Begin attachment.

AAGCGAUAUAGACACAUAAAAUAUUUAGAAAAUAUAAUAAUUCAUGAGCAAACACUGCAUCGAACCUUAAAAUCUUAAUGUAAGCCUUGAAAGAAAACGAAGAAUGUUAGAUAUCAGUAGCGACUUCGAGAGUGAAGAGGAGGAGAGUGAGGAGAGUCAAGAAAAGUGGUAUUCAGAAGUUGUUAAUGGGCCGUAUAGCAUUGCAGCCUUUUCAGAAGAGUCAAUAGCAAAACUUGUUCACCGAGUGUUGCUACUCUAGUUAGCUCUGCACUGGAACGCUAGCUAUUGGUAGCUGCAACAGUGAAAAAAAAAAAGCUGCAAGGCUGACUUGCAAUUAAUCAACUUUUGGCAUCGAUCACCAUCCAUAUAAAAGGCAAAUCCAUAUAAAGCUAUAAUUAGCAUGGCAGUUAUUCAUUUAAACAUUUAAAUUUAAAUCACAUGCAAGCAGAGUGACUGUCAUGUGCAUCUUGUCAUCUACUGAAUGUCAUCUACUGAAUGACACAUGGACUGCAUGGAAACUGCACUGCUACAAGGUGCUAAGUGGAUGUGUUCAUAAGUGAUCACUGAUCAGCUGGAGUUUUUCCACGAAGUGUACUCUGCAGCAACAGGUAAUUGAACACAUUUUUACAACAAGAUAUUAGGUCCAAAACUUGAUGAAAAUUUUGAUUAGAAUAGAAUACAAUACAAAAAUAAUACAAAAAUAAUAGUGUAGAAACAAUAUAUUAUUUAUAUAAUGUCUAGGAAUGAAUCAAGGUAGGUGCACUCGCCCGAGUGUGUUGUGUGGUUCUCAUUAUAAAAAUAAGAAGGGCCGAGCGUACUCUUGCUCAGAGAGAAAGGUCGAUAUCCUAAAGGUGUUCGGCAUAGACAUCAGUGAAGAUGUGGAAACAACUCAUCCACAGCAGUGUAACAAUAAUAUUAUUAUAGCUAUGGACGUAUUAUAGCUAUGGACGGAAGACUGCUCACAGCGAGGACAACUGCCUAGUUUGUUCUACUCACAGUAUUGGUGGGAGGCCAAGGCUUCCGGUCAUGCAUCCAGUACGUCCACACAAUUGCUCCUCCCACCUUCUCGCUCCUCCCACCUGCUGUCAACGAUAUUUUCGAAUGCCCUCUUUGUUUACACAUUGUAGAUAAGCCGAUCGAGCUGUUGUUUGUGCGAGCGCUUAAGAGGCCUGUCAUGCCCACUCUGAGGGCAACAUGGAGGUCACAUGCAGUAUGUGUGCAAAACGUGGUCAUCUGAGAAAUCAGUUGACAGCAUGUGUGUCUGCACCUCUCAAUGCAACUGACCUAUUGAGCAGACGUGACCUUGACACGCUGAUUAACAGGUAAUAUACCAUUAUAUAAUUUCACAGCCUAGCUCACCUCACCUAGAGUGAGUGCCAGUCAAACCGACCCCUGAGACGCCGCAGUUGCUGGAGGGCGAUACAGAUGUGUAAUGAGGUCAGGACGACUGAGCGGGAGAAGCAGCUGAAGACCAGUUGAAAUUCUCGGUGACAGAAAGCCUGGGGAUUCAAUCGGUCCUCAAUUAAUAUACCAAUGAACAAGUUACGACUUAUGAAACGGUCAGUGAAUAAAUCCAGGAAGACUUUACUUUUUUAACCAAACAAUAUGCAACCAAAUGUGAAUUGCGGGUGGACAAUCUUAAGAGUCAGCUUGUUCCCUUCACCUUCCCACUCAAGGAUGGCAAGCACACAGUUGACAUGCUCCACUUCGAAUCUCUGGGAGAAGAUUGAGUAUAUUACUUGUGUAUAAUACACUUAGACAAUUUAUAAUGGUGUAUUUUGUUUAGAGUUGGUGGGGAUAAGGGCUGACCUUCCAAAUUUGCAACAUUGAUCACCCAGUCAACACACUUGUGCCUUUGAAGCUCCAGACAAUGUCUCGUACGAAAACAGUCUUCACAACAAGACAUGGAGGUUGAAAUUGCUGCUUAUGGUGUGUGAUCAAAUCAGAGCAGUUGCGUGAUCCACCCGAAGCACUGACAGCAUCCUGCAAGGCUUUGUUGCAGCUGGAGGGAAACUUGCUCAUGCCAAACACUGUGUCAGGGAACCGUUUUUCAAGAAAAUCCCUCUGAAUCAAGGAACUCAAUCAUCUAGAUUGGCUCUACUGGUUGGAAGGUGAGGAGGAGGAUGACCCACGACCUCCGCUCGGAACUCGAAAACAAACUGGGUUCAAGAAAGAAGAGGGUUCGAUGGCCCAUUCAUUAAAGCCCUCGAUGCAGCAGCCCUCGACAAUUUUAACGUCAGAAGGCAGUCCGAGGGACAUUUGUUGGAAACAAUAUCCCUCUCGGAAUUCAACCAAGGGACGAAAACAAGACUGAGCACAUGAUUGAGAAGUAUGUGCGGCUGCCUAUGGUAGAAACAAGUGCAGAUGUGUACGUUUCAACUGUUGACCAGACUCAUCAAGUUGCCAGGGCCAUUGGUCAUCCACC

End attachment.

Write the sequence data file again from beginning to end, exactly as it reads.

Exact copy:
AAGCGAUAUAGACACAUAAAAUAUUUAGAAAAUAUAAUAAUUCAUGAGCAAACACUGCAUCGAACCUUAAAAUCUUAAUGUAAGCCUUGAAAGAAAACGAAGAAUGUUAGAUAUCAGUAGCGACUUCGAGAGUGAAGAGGAGGAGAGUGAGGAGAGUCAAGAAAAGUGGUAUUCAGAAGUUGUUAAUGGGCCGUAUAGCAUUGCAGCCUUUUCAGAAGAGUCAAUAGCAAAACUUGUUCACCGAGUGUUGCUACUCUAGUUAGCUCUGCACUGGAACGCUAGCUAUUGGUAGCUGCAACAGUGAAAAAAAAAAAGCUGCAAGGCUGACUUGCAAUUAAUCAACUUUUGGCAUCGAUCACCAUCCAUAUAAAAGGCAAAUCCAUAUAAAGCUAUAAUUAGCAUGGCAGUUAUUCAUUUAAACAUUUAAAUUUAAAUCACAUGCAAGCAGAGUGACUGUCAUGUGCAUCUUGUCAUCUACUGAAUGUCAUCUACUGAAUGACACAUGGACUGCAUGGAAACUGCACUGCUACAAGGUGCUAAGUGGAUGUGUUCAUAAGUGAUCACUGAUCAGCUGGAGUUUUUCCACGAAGUGUACUCUGCAGCAACAGGUAAUUGAACACAUUUUUACAACAAGAUAUUAGGUCCAAAACUUGAUGAAAAUUUUGAUUAGAAUAGAAUACAAUACAAAAAUAAUACAAAAAUAAUAGUGUAGAAACAAUAUAUUAUUUAUAUAAUGUCUAGGAAUGAAUCAAGGUAGGUGCACUCGCCCGAGUGUGUUGUGUGGUUCUCAUUAUAAAAAUAAGAAGGGCCGAGCGUACUCUUGCUCAGAGAGAAAGGUCGAUAUCCUAAAGGUGUUCGGCAUAGACAUCAGUGAAGAUGUGGAAACAACUCAUCCACAGCAGUGUAACAAUAAUAUUAUUAUAGCUAUGGACGUAUUAUAGCUAUGGACGGAAGACUGCUCACAGCGAGGACAACUGCCUAGUUUGUUCUACUCACAGUAUUGGUGGGAGGCCAAGGCUUCCGGUCAUGCAUCCAGUACGUCCACACAAUUGCUCCUCCCACCUUCUCGCUCCUCCCACCUGCUGUCAACGAUAUUUUCGAAUGCCCUCUUUGUUUACACAUUGUAGAUAAGCCGAUCGAGCUGUUGUUUGUGCGAGCGCUUAAGAGGCCUGUCAUGCCCACUCUGAGGGCAACAUGGAGGUCACAUGCAGUAUGUGUGCAAAACGUGGUCAUCUGAGAAAUCAGUUGACAGCAUGUGUGUCUGCACCUCUCAAUGCAACUGACCUAUUGAGCAGACGUGACCUUGACACGCUGAUUAACAGGUAAUAUACCAUUAUAUAAUUUCACAGCCUAGCUCACCUCACCUAGAGUGAGUGCCAGUCAAACCGACCCCUGAGACGCCGCAGUUGCUGGAGGGCGAUACAGAUGUGUAAUGAGGUCAGGACGACUGAGCGGGAGAAGCAGCUGAAGACCAGUUGAAAUUCUCGGUGACAGAAAGCCUGGGGAUUCAAUCGGUCCUCAAUUAAUAUACCAAUGAACAAGUUACGACUUAUGAAACGGUCAGUGAAUAAAUCCAGGAAGACUUUACUUUUUUAACCAAACAAUAUGCAACCAAAUGUGAAUUGCGGGUGGACAAUCUUAAGAGUCAGCUUGUUCCCUUCACCUUCCCACUCAAGGAUGGCAAGCACACAGUUGACAUGCUCCACUUCGAAUCUCUGGGAGAAGAUUGAGUAUAUUACUUGUGUAUAAUACACUUAGACAAUUUAUAAUGGUGUAUUUUGUUUAGAGUUGGUGGGGAUAAGGGCUGACCUUCCAAAUUUGCAACAUUGAUCACCCAGUCAACACACUUGUGCCUUUGAAGCUCCAGACAAUGUCUCGUACGAAAACAGUCUUCACAACAAGACAUGGAGGUUGAAAUUGCUGCUUAUGGUGUGUGAUCAAAUCAGAGCAGUUGCGUGAUCCACCCGAAGCACUGACAGCAUCCUGCAAGGCUUUGUUGCAGCUGGAGGGAAACUUGCUCAUGCCAAACACUGUGUCAGGGAACCGUUUUUCAAGAAAAUCCCUCUGAAUCAAGGAACUCAAUCAUCUAGAUUGGCUCUACUGGUUGGAAGGUGAGGAGGAGGAUGACCCACGACCUCCGCUCGGAACUCGAAAACAAACUGGGUUCAAGAAAGAAGAGGGUUCGAUGGCCCAUUCAUUAAAGCCCUCGAUGCAGCAGCCCUCGACAAUUUUAACGUCAGAAGGCAGUCCGAGGGACAUUUGUUGGAAACAAUAUCCCUCUCGGAAUUCAACCAAGGGACGAAAACAAGACUGAGCACAUGAUUGAGAAGUAUGUGCGGCUGCCUAUGGUAGAAACAAGUGCAGAUGUGUACGUUUCAACUGUUGACCAGACUCAUCAAGUUGCCAGGGCCAUUGGUCAUCCACC